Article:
(132): On the Final Episode of Kwana Casa’in (Season 4)

 On the Final Episode of Kwana Casa’in (Season 4)


Filmmakers famously announce that “it’s a wrap” after the last camera roll on the final shooting day. It gives them, and of course, the entire actors and actresses present, an immense sense of relief. Naturally, humans want to rest and become excited when they reach the point of getting it. But, that’s the point when the post-production team and subsequently the audience begin their work – of reading the work in their way. The “wrap” always leaves many holes unfilled. Although Kwana Casa’in is, unarguably, the most expensive and expansive Hausa drama yet, the final episode of season four, aired yesterday (27.12.2020), leaves much to be desired. Hence, I felt the need to quickly write this brief ‘review’ in addition to the one I wrote in July 2019. So much has happened between then (season one) and now (season four). But, there is no need to narrate the story as I believe most of my readers follow the series.


I start with Alhaji Auta Baita’s appearance as another “big man” in Alfawa State politics. From the onset, he was there to rival and defeat the dominance of Alhaji Safiyanu Ali alias Matawalle. However, after the latter’s downfall, which the former caused, he unexpectedly changes and becomes yet another state’s enemy. What more is there to do to undermine the embattled governor that has not been done? Are we going to have another saviour in the season finale, or the governor is politically strong enough now? Is every powerful man against the governor? Many similar questions are begging for responses. While we wait for their answers, I kindly remind the series’ creators not to overstretch this essential part and risk making the story monotonous.


When it’s a global tradition for prisoners to get a furlough to attend the burial of their loved ones, Bawa Maikada, a – whole - former governor is arrested soon after his son’s gruesome murder. I am not in the position to call this wrong, but it’s very improbable. The drama of this nature, even though fictional, reflects reality. Thus, how could you arrest him on the day he buried his handsome, innocent son and amidst family and mourners, who, by the way, disappear? Where are the many armed police protecting him? They also vanish except one during the arrest. Something looks implausible here as well.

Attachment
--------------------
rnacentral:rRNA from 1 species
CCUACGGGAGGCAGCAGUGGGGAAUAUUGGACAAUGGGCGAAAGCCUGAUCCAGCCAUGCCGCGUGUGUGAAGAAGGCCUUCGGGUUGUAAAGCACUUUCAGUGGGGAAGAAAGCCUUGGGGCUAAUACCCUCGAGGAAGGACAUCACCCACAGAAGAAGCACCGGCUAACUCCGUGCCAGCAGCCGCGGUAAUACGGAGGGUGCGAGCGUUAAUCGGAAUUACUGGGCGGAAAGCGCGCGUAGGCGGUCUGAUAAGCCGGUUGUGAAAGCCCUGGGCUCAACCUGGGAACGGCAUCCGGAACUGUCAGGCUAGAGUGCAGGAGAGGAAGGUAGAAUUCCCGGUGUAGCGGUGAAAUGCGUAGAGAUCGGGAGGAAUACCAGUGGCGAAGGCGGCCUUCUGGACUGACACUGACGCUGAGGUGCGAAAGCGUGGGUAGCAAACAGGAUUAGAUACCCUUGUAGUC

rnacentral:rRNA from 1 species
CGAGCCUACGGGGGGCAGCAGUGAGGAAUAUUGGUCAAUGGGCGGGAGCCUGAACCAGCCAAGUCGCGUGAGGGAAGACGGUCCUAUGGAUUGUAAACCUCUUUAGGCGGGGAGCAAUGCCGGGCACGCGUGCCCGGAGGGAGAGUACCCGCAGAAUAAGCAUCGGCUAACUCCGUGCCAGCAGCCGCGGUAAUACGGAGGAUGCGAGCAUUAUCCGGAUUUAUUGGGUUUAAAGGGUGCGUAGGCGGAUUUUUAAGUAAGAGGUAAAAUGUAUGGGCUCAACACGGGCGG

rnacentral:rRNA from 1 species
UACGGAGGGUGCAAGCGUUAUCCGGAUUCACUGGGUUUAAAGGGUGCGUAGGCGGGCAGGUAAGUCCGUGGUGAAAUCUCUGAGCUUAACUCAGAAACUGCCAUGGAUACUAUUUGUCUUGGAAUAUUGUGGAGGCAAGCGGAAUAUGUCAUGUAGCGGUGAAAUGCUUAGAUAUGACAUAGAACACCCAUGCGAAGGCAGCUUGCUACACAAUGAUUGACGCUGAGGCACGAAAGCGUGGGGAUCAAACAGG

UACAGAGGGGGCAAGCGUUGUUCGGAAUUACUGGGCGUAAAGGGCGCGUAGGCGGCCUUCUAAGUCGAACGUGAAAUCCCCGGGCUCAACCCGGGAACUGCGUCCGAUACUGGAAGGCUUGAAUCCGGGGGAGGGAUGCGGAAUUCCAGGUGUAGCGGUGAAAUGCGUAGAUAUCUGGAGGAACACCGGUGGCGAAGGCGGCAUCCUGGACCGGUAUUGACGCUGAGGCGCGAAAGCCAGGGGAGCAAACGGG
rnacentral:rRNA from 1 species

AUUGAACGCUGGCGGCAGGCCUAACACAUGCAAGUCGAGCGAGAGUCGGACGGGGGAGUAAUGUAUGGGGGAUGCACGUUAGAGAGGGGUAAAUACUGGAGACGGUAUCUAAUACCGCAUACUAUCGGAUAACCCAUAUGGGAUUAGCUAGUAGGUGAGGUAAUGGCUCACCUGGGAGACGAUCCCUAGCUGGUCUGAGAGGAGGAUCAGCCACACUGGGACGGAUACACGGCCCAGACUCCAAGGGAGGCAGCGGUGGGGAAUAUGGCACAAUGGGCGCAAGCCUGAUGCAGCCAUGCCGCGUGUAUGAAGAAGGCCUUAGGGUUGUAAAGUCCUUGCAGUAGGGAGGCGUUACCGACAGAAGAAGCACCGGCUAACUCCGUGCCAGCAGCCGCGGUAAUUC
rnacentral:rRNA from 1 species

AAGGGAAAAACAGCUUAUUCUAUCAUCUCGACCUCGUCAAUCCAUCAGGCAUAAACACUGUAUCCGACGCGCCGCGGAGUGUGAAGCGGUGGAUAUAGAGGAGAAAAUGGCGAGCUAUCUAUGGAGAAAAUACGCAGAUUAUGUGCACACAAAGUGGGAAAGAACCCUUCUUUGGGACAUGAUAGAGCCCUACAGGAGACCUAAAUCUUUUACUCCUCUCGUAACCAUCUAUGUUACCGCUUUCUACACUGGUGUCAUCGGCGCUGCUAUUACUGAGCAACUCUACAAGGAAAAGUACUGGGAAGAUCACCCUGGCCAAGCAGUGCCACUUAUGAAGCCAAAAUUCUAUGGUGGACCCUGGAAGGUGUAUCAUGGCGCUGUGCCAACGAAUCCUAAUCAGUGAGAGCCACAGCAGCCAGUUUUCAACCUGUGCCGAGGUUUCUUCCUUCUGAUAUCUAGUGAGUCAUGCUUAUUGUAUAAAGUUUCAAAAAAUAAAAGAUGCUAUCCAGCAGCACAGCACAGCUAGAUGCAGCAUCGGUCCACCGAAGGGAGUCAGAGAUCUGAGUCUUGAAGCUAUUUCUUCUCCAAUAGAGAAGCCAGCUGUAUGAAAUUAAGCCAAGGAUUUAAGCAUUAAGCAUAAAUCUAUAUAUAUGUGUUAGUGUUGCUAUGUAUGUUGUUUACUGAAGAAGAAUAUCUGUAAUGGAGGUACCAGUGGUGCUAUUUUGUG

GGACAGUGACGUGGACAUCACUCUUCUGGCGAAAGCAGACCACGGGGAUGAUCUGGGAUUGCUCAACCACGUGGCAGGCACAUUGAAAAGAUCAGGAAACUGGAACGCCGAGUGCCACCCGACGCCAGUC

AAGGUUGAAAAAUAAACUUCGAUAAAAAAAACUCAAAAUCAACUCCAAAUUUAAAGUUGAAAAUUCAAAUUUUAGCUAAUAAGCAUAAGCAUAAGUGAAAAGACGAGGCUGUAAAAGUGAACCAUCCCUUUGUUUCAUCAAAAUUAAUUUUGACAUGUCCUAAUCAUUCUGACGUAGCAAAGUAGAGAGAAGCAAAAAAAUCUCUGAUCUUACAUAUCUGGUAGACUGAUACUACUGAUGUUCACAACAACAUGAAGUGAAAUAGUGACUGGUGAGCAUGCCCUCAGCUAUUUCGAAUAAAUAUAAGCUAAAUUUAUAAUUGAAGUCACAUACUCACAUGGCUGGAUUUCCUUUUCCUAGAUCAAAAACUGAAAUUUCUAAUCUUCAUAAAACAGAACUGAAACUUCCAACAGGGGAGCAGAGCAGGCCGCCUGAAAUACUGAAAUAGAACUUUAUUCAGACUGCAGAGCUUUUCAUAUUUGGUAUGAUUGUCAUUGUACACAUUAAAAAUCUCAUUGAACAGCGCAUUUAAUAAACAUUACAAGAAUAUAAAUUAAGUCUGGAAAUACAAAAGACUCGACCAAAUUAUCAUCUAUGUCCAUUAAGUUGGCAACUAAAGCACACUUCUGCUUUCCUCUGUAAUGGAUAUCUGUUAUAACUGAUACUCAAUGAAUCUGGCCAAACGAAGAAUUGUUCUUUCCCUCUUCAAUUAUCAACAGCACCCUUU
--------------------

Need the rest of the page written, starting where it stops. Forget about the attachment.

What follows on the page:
Likewise, the abduction of Salma and those schoolchildren seems somewhat misdirected. The family of Bawa Maikada have already been punished in one of the most befitting ways. Ideally, they should not go through more pain, especially when the other pain is excruciatingly fresh. Again, she is ‘blameless’ as she has never been on the side of her heartless parents. Despite all threats and against the odds, she doggedly supports – and probably loves – Sahabi, her parents’ ‘opponent’ number one. Her uprightness deserves a reward, not punishment. Regarding the schoolchildren, their parents have nothing to do with the previous government Sambo and his gang are fighting. Thus, neither Salma nor the children are a useful bargaining chip for Sambo’s puerile demands.


I probably sound too opinionated. Nonetheless, I guess the opinions are not out of place. I consider Kwana Casa’in as the best Hausa socio-political drama there is today. Therefore, like the lengthier review I wrote in 2019, this piece seeks to make it better, not criticize it baselessly or undermine its makers’ and sponsors’ fantastic effort. Nothing and nobody is perfect. Generally, there is a need for Hausa filmmakers, not only members of Kannywood, to understand that film criticism is a global, standard practice. Besides, like many audiences, I can’t wait for season five, the drama’s actual “wrap”.


Written by

Muhsin Ibrahim

University of Cologne



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